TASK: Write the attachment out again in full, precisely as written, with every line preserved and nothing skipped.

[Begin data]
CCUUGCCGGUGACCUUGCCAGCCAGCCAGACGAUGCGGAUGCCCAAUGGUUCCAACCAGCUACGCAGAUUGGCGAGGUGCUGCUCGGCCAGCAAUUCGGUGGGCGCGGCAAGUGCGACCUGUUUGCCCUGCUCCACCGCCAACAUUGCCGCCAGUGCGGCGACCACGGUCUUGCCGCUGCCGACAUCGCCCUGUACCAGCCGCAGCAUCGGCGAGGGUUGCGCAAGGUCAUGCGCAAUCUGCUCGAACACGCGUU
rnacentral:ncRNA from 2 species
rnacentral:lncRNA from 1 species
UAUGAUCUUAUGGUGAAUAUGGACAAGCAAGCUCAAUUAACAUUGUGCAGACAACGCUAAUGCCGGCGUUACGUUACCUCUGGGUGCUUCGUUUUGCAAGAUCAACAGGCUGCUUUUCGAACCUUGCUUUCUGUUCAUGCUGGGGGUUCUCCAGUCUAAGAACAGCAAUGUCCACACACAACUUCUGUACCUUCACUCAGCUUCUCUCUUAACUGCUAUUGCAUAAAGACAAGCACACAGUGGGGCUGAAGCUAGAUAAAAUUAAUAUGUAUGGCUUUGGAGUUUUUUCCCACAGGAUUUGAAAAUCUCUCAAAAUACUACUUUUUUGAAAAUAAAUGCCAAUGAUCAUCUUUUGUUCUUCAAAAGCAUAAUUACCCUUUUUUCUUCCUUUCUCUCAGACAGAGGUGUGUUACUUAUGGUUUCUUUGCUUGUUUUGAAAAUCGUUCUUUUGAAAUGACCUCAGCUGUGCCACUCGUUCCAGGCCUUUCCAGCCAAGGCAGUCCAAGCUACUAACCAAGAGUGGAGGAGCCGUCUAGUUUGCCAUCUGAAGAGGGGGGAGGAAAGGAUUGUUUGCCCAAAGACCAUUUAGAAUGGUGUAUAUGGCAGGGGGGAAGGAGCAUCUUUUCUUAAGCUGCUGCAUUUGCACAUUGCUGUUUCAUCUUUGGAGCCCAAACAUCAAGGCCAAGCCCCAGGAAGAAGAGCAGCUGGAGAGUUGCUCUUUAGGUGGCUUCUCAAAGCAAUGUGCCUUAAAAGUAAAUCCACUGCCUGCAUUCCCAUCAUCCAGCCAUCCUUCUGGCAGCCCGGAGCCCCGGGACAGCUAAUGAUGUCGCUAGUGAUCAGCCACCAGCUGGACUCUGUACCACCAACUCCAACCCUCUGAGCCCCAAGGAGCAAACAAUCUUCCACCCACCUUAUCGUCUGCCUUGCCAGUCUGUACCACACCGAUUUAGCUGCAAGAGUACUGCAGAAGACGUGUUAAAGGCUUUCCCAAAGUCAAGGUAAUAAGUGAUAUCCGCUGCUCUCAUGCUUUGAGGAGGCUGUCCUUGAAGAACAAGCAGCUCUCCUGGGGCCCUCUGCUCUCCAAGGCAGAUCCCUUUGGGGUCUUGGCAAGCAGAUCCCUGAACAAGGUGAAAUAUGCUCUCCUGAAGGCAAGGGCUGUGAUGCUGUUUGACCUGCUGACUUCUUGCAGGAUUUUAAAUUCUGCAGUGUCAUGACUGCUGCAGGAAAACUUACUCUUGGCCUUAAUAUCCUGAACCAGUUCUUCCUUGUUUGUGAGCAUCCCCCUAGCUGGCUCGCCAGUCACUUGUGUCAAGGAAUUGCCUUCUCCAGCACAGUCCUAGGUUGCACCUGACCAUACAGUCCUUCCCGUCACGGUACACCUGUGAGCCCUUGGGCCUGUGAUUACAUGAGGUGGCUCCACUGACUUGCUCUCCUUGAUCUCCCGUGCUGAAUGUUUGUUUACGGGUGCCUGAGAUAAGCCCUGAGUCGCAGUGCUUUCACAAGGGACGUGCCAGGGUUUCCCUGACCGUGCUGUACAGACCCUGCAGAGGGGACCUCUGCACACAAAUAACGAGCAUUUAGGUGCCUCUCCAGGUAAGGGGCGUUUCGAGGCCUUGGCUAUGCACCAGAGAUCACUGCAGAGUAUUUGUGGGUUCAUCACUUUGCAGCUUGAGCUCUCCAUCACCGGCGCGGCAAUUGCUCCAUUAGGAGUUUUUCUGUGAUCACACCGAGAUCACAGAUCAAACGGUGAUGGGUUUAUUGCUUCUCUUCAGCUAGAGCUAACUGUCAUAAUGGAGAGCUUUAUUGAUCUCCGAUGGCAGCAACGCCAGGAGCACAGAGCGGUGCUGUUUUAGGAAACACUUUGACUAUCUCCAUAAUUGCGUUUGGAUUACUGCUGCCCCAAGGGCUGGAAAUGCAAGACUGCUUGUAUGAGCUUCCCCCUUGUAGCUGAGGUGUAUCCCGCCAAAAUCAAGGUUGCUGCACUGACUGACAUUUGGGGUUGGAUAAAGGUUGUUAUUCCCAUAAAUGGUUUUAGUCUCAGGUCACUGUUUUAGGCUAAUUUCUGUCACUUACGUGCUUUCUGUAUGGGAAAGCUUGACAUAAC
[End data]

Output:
CCUUGCCGGUGACCUUGCCAGCCAGCCAGACGAUGCGGAUGCCCAAUGGUUCCAACCAGCUACGCAGAUUGGCGAGGUGCUGCUCGGCCAGCAAUUCGGUGGGCGCGGCAAGUGCGACCUGUUUGCCCUGCUCCACCGCCAACAUUGCCGCCAGUGCGGCGACCACGGUCUUGCCGCUGCCGACAUCGCCCUGUACCAGCCGCAGCAUCGGCGAGGGUUGCGCAAGGUCAUGCGCAAUCUGCUCGAACACGCGUU
rnacentral:ncRNA from 2 species
rnacentral:lncRNA from 1 species
UAUGAUCUUAUGGUGAAUAUGGACAAGCAAGCUCAAUUAACAUUGUGCAGACAACGCUAAUGCCGGCGUUACGUUACCUCUGGGUGCUUCGUUUUGCAAGAUCAACAGGCUGCUUUUCGAACCUUGCUUUCUGUUCAUGCUGGGGGUUCUCCAGUCUAAGAACAGCAAUGUCCACACACAACUUCUGUACCUUCACUCAGCUUCUCUCUUAACUGCUAUUGCAUAAAGACAAGCACACAGUGGGGCUGAAGCUAGAUAAAAUUAAUAUGUAUGGCUUUGGAGUUUUUUCCCACAGGAUUUGAAAAUCUCUCAAAAUACUACUUUUUUGAAAAUAAAUGCCAAUGAUCAUCUUUUGUUCUUCAAAAGCAUAAUUACCCUUUUUUCUUCCUUUCUCUCAGACAGAGGUGUGUUACUUAUGGUUUCUUUGCUUGUUUUGAAAAUCGUUCUUUUGAAAUGACCUCAGCUGUGCCACUCGUUCCAGGCCUUUCCAGCCAAGGCAGUCCAAGCUACUAACCAAGAGUGGAGGAGCCGUCUAGUUUGCCAUCUGAAGAGGGGGGAGGAAAGGAUUGUUUGCCCAAAGACCAUUUAGAAUGGUGUAUAUGGCAGGGGGGAAGGAGCAUCUUUUCUUAAGCUGCUGCAUUUGCACAUUGCUGUUUCAUCUUUGGAGCCCAAACAUCAAGGCCAAGCCCCAGGAAGAAGAGCAGCUGGAGAGUUGCUCUUUAGGUGGCUUCUCAAAGCAAUGUGCCUUAAAAGUAAAUCCACUGCCUGCAUUCCCAUCAUCCAGCCAUCCUUCUGGCAGCCCGGAGCCCCGGGACAGCUAAUGAUGUCGCUAGUGAUCAGCCACCAGCUGGACUCUGUACCACCAACUCCAACCCUCUGAGCCCCAAGGAGCAAACAAUCUUCCACCCACCUUAUCGUCUGCCUUGCCAGUCUGUACCACACCGAUUUAGCUGCAAGAGUACUGCAGAAGACGUGUUAAAGGCUUUCCCAAAGUCAAGGUAAUAAGUGAUAUCCGCUGCUCUCAUGCUUUGAGGAGGCUGUCCUUGAAGAACAAGCAGCUCUCCUGGGGCCCUCUGCUCUCCAAGGCAGAUCCCUUUGGGGUCUUGGCAAGCAGAUCCCUGAACAAGGUGAAAUAUGCUCUCCUGAAGGCAAGGGCUGUGAUGCUGUUUGACCUGCUGACUUCUUGCAGGAUUUUAAAUUCUGCAGUGUCAUGACUGCUGCAGGAAAACUUACUCUUGGCCUUAAUAUCCUGAACCAGUUCUUCCUUGUUUGUGAGCAUCCCCCUAGCUGGCUCGCCAGUCACUUGUGUCAAGGAAUUGCCUUCUCCAGCACAGUCCUAGGUUGCACCUGACCAUACAGUCCUUCCCGUCACGGUACACCUGUGAGCCCUUGGGCCUGUGAUUACAUGAGGUGGCUCCACUGACUUGCUCUCCUUGAUCUCCCGUGCUGAAUGUUUGUUUACGGGUGCCUGAGAUAAGCCCUGAGUCGCAGUGCUUUCACAAGGGACGUGCCAGGGUUUCCCUGACCGUGCUGUACAGACCCUGCAGAGGGGACCUCUGCACACAAAUAACGAGCAUUUAGGUGCCUCUCCAGGUAAGGGGCGUUUCGAGGCCUUGGCUAUGCACCAGAGAUCACUGCAGAGUAUUUGUGGGUUCAUCACUUUGCAGCUUGAGCUCUCCAUCACCGGCGCGGCAAUUGCUCCAUUAGGAGUUUUUCUGUGAUCACACCGAGAUCACAGAUCAAACGGUGAUGGGUUUAUUGCUUCUCUUCAGCUAGAGCUAACUGUCAUAAUGGAGAGCUUUAUUGAUCUCCGAUGGCAGCAACGCCAGGAGCACAGAGCGGUGCUGUUUUAGGAAACACUUUGACUAUCUCCAUAAUUGCGUUUGGAUUACUGCUGCCCCAAGGGCUGGAAAUGCAAGACUGCUUGUAUGAGCUUCCCCCUUGUAGCUGAGGUGUAUCCCGCCAAAAUCAAGGUUGCUGCACUGACUGACAUUUGGGGUUGGAUAAAGGUUGUUAUUCCCAUAAAUGGUUUUAGUCUCAGGUCACUGUUUUAGGCUAAUUUCUGUCACUUACGUGCUUUCUGUAUGGGAAAGCUUGACAUAAC